Gente de NAHJ: Maury Vasquez is still the life of NAHJ’s conferences two decades after stopping reporting

Maury Vasquez has regularly attended NAHJ conferences for nearly two decades, despite not working as a journalist for the the last 15.

Maury Vasquez is about to reach 15 years working in education, but the current San Antonio Independent School District assistant director of communications actually began his career as a journalist.

In 2004, he was a general assignment reporter in San Antonio and a newly single-father working nights and weekends. That’s when he realized he needed a change.

Vasquez had just been offered a one-year deal to renew his contract with KSAT, an ABC affiliate station in San Antonio, but that meant continuing to work weekends and nights. He worried about missing valuable time away from his two children.

“I knew I needed to have a schedule that matched my kids, so that’s why I went to education,” Vasquez said.

The sacrifice to leave his career after spending 16 years in the industry improved Vazquez’s quality of life and allowed him to be present in his children’s lives, but his heart was still in journalism.

For the last two decades, Vasquez has regularly attended the annual conferences of the National Association of Hispanic Journalists, rarely missing the one time a year where he gets to be surrounded by journalists and his “NAHJ familia,” as he puts it.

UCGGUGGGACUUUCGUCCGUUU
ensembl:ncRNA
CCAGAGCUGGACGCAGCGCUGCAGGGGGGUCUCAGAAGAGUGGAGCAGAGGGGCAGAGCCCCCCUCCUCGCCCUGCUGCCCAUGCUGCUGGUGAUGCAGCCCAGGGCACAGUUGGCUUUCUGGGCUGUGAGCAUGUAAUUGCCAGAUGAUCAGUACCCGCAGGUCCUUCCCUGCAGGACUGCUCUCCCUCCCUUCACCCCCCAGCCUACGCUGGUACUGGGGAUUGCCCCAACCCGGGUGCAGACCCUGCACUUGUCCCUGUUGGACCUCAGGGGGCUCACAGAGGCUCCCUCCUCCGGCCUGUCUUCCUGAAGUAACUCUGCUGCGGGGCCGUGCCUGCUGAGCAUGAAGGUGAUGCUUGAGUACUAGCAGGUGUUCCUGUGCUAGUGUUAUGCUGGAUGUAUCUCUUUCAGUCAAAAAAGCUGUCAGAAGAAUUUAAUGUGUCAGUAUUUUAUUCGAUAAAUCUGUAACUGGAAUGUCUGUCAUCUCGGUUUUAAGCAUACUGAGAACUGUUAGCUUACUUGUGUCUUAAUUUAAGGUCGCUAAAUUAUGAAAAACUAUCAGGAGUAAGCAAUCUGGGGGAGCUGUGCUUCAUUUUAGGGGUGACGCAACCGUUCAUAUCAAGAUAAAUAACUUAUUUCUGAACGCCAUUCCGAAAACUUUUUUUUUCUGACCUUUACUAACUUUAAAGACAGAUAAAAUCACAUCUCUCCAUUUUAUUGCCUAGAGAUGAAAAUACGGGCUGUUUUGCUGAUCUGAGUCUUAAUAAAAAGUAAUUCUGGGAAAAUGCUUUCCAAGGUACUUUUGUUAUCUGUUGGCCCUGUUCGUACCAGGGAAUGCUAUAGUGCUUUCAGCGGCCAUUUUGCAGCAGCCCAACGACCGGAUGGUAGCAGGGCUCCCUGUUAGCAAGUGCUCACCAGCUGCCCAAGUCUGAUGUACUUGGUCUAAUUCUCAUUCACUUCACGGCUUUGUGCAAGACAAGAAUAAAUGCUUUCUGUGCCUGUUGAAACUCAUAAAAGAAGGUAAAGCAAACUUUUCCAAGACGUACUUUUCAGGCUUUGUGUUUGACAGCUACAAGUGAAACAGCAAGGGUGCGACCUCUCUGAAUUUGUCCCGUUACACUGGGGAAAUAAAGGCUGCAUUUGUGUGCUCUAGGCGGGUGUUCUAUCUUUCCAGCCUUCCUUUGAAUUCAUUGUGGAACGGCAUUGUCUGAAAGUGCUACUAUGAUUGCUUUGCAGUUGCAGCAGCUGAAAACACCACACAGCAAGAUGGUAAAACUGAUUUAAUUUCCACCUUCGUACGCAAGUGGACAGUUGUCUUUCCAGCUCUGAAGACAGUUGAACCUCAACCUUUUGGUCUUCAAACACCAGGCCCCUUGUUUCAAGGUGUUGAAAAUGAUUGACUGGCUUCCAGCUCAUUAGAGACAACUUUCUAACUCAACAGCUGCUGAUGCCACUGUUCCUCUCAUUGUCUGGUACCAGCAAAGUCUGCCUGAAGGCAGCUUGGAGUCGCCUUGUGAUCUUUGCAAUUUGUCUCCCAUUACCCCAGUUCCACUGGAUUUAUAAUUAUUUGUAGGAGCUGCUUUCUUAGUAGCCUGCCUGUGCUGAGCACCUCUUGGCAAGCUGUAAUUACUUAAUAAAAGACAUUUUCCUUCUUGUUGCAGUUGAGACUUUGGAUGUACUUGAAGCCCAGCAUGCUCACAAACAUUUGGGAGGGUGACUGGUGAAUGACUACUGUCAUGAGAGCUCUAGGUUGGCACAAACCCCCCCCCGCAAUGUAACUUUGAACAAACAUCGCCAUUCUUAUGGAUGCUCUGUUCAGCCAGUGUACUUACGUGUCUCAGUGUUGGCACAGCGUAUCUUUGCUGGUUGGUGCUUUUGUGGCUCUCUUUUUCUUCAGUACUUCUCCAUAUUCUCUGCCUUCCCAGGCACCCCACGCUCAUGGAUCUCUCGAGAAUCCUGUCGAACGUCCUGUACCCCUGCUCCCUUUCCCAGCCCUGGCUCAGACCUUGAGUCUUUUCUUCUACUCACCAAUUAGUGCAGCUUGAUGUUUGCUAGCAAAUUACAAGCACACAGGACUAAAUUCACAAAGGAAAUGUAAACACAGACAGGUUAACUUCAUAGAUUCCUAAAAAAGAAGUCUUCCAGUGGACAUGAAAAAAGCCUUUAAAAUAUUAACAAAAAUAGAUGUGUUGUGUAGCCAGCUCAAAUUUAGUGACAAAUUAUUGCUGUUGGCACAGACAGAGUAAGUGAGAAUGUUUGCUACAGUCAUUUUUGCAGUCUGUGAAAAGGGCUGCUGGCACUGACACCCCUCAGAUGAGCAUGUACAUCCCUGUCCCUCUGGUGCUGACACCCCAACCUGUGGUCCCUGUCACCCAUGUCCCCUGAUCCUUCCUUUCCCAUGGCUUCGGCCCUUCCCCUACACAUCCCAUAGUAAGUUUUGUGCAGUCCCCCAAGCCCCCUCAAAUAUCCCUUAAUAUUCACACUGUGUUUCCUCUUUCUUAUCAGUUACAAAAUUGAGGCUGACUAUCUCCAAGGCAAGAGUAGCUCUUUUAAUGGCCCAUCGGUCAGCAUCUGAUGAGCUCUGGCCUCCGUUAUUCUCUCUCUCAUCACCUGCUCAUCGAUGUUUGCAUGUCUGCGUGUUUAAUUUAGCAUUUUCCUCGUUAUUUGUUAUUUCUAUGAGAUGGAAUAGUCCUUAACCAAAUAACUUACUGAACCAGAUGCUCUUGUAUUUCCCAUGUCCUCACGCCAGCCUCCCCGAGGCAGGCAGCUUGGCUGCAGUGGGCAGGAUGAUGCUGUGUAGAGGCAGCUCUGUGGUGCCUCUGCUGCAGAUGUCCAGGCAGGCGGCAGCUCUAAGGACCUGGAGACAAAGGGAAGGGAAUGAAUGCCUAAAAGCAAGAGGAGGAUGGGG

A San Antonio native, Vasquez also loves capping the event off at the infamous Tejano party every year, which he also began attending after his first conference in 1999.

The inaugural Tejano party occurred in 1984, the same year NAHJ was founded, after Maclovio Perez, a founding member, wanted to have a farewell party with five other friends also from San Antonio.

Vasquez loves the camaraderie and the unity shown during the party, which has never been an official event hosted by the conference, and continues to grow in popularity each year.

“When people come to the NAHJ conference a lot of people are looking around and asking ‘where’s the Tejano party?’” Vasquez said. “It’s the last call, one last despedida.”

Although the Tejano party will never be on an official program or schedule, Vasquez loves the thrill of the gathering.

“You feel like renegades because it’s a game of cat and mouse wondering ‘is security going to shut us down?” Vasquez said.

Once again in 2023, Vasquez is present for another NAHJ conference, this time in Miami, where he will be reuniting with his familia at the Tejano Party yet again.

Anthony Bautista graduated from California State University in the spring, where he earned a bachelor’s degree in communications with a concentration in journalism. He is passionate about sports and freelances on the weekends as a sports reporter. Reach him at anthonybautista8125 [at] gmail [dot] com or on Twitter @byanthonyba.

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